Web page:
Can US and Taliban cut a deal in Afghanistan?
Even before Osama bin Laden's killing, the Taliban were softening their image while the US, Pakistan, and Afghanistan set the stage for talks. Now the US must decide if it's worth years of further military and diplomatic effort to hammer out an agreement.
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On the US side, the demise of Al Qaeda’s figurehead has purged some fears among Americans of the group and exposed its current weakness. And having burnished his anti-terror credentials, President Obama would have wider domestic latitude to cut a peace deal that involved insurgents who are willing to swear off any ties to Al Qaeda.Skip to next paragraph
In Pictures Talking to the Taliban
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Some American officials are already downgrading the threat of Al Qaeda.
“We are going to try to take advantage of this to demonstrate to people in the area that Al Qaeda is a thing of the past, and we are hoping to bury the rest of Al Qaeda along with Osama bin Laden,” said US Homeland Security Adviser John Brennan on Monday.
But it’s unclear whether this narrative will further the push for a peace process or for declaring “mission accomplished.”
The antiwar group Rethink Afghanistan put out a petition on the heels of bin Laden’s death, saying the rationale for the war has “evaporated.” The most recent Pew polling from early April found half of Americans wanted to pull out of Afghanistan as soon as possible, with 44 percent preferring to stay until the situation is stabilized.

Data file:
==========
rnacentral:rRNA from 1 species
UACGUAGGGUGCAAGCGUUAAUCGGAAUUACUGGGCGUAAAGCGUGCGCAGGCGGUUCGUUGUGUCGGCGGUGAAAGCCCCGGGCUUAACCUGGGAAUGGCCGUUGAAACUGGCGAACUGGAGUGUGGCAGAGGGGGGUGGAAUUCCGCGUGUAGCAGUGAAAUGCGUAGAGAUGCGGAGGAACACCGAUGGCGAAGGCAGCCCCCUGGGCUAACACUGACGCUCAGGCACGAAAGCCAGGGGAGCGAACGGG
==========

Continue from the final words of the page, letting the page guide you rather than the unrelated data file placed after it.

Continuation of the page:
Some Americans express concern about mission creep, doubts that a vital national security interest remains, and skepticism that the US can stabilize the situation.
Within the region, those who view the American presence as only fueling the conflict are urging a US withdrawal as well. But others contend a lasting settlement requires ongoing American engagement.
“It all depends on what America does next – are they going to put more pressure on Pakistan [or] will they look at this opportunity as an opportunity to withdraw from Afghanistan?” says Ayesha Siddiqa, a Pakistani security analyst.
The current regime a repeat of Afghanistan's tumultuous history
Peace requires a constant gardener in the soils of Afghanistan. A search through a century of newspaper archives finds a string of dispatches about uprisings against Kabul by the Waziris, the Afridis, the Shinwaris, and other tribes on either side of the border that are at the forefront of the current conflict.
In periods of relative calm, rulers would try spurts of modernization. One article from Afghanistan in 1932 reads: "Afghan Girls Like Attending School."
These moments of spring in Kabul have frosted over because of overly ambitious governments that failed to find a balance among competing groups. Today, even supporters of Mr. Karzai's government argue that the current regime is a repeat of history. They liken the 2001 Bonn Conference in Germany, which created the Karzai government after the fall of the Taliban, to the Treaty of Paris after World War I: a victor's peace that disenfranchised the losers so much that future conflict was all but inevitable.
But negotiating a more inclusive government now, one that brings in elements of the Taliban and other insurgents, remains an epic challenge of diplomacy. "It's like designing a mission to Mars – the complexity of it is really quite great," said Stephen Biddle with the Council on Foreign Relations in an interview last year.